Four of the tenants turned down buyout offers right away. But one elderly couple in a two-bedroom, two-bathroom apartment on the Upper East Side took the bait. After months of negotiations, they moved out of town in March, with Jack Parker picking up the tab. Skolnick won’t divulge the amount of the buyout, but it stopped the hemorrhage: The couple’s rent-regulated existence was losing the company $700 a month (or $8,400 a year) on maintenance and taxes – not even counting the potential market-rate-rental income.
Skolnick wasted no time sending letters to all his tenants. So far, three more have accepted buyouts. “This is a win-win situation,” he adds.
It’s a familiar formula to Kevin Singleton, general manager of Rockrose Development, whose 1,000 or so rent-regulated apartments make up about a quarter of its inventory. “We regularly talk to our regulated tenants about the possibilities of a buyout,” he says. Between moving costs and other services, he estimates, tenants get between $20,000 and $50,000 to walk away.
In non-demolition situations, Aby Rosen also pays up to $50,000 to reclaim an apartment in RFR’s inventory of 1,000 or so rent-regulated units. “We also pay relocation costs and moving expenses,” he says. “With older people, we sometimes help move them into an old-age home.”
The New York State Tenants & Neighbors Coalition surmises that a few thousand rent-regulated apartments are deregulated each year. How many of these spring from buyouts? Since neither tenants nor landlords benefit from publicizing settlements, the terms – even their existence – often remain private. “I don’t do these deals without confidentiality agreements,” says Robert Goldstein of Borah Goldstein Altschuler & Schwartz, one of the city’s biggest landlord firms. “You don’t want the tenant telling other tenants how much you gave – whether it’s high or low.”
Which means, quite possibly, that once rent regulation gives up the ghost in Manhattan, none of us will hear about it.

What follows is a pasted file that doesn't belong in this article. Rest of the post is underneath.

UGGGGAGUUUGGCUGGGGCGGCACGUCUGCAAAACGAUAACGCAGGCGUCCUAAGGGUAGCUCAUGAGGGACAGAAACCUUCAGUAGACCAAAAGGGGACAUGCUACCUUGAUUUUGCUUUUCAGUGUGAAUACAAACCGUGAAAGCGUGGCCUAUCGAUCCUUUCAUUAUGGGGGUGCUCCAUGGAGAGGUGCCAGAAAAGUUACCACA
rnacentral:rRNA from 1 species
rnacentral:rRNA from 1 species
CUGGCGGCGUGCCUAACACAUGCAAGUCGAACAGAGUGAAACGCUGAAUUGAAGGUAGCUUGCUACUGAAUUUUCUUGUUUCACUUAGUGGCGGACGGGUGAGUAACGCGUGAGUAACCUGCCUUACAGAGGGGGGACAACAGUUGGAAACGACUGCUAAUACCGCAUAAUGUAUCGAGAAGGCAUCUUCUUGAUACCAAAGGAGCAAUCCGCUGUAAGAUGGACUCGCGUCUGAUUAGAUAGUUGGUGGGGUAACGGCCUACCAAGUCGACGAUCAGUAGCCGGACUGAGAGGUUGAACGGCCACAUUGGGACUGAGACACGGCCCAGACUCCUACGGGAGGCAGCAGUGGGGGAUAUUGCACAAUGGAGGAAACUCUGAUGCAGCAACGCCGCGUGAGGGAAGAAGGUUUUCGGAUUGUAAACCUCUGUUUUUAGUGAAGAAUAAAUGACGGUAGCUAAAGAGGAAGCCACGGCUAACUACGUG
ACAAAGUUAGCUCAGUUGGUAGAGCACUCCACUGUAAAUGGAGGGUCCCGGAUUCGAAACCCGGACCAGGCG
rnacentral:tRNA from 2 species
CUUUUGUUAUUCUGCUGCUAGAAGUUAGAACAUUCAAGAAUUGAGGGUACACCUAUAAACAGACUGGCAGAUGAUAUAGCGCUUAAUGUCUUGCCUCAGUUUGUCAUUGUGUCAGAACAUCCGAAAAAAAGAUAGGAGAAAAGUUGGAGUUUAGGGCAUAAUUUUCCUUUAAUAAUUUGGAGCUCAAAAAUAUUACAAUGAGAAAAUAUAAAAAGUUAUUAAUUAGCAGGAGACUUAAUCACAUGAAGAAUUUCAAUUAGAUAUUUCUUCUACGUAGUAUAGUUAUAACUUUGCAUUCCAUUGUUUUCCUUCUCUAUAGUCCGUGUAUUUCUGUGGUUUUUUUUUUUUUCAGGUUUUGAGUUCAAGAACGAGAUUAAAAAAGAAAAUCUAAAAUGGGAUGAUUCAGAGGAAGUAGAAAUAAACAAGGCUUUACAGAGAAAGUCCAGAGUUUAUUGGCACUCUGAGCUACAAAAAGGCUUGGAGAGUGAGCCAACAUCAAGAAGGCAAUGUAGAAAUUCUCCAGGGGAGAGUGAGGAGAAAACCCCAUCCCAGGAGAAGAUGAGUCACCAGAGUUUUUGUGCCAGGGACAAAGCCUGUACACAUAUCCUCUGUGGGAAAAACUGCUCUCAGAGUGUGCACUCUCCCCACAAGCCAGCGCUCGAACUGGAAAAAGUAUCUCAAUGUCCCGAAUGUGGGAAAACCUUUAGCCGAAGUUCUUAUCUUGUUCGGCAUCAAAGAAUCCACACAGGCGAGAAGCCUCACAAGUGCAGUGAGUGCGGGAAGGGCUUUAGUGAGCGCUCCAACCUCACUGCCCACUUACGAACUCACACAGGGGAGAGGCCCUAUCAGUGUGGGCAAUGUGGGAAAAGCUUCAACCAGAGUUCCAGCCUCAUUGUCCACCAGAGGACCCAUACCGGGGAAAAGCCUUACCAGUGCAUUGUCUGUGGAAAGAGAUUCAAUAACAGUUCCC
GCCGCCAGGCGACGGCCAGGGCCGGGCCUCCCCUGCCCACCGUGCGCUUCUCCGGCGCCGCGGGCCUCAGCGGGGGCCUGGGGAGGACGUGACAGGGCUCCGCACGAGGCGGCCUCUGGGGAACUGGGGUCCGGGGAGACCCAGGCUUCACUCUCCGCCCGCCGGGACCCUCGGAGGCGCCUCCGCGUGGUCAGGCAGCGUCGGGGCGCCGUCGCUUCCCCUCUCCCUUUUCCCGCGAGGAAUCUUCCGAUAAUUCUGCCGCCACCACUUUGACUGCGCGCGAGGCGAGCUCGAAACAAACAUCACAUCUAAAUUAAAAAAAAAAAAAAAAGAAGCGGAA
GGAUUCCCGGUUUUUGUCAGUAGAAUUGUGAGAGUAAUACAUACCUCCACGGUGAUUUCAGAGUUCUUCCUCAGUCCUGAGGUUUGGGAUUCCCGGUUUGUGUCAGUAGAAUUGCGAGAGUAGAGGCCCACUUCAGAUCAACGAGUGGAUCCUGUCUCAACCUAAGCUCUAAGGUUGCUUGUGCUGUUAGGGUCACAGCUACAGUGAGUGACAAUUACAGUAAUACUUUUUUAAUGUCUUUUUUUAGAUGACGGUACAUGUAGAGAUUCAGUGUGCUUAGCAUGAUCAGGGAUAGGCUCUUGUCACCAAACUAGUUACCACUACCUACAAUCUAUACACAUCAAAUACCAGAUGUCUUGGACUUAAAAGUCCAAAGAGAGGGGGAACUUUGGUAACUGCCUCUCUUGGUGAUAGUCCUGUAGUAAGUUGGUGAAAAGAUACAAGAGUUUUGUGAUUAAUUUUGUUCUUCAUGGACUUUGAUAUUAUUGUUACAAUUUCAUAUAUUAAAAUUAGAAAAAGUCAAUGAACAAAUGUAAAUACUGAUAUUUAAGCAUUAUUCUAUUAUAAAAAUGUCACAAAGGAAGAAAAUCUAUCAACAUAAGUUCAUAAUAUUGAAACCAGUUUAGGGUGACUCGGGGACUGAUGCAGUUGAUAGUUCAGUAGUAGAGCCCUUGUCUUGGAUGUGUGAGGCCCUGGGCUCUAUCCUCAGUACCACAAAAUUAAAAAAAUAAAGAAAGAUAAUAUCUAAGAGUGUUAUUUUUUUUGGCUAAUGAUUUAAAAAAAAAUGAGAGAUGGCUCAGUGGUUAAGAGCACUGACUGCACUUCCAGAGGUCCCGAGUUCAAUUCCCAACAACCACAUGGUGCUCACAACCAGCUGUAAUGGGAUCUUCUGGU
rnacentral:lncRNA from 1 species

The application to tear down 823 Park has languished in the halls of the state Division of Housing and Community Renewal (DHCR) for five years now. David Rozenholc has contested it from several different angles, forcing the developer to make many of his business records public. In May, a dozen of the tenants had the pleasure of watching Robert Manocherian squirm under cross-examination – as their lawyer all but accused him of falsifying documents to conceal his uncle Fred’s involvement in the project. (Rozenholc still isn’t really sure why Robert wanted to shield Fred this way.)
When your boiler is, at best, unreliable and your lawyer charges $300 an hour, a squirming landlord is only a modest consolation. In the past five years, tenants have been denied roof access and basement storage space; the aging lobby, just steps from East 75th Street, has grown shabbier. The façade’s bricks are crumbling, leaving steel beams exposed to the rain. Mercia Bross, 71, has lived for 30 years at 823 Park with her husband, who is now fighting cancer. As the fight drags on, she’s started thinking about the cost of a new apartment. “I’m worried,” she says, “because prices are going through the ceiling.”
“This is a kind of Homeric saga,” says tenant-association co-chair David Redden. “My next-door neighbor is well into her nineties. She’s lived here since the forties. This is not a game.”
Rozenholc has not yet advised his clients to take money to leave. But if his track record counts for anything, down the road he could make these tenants very, very rich. “People think we’re ripping off the capitalists?” he barks. “The truth is, we’re not ripping them off enough.”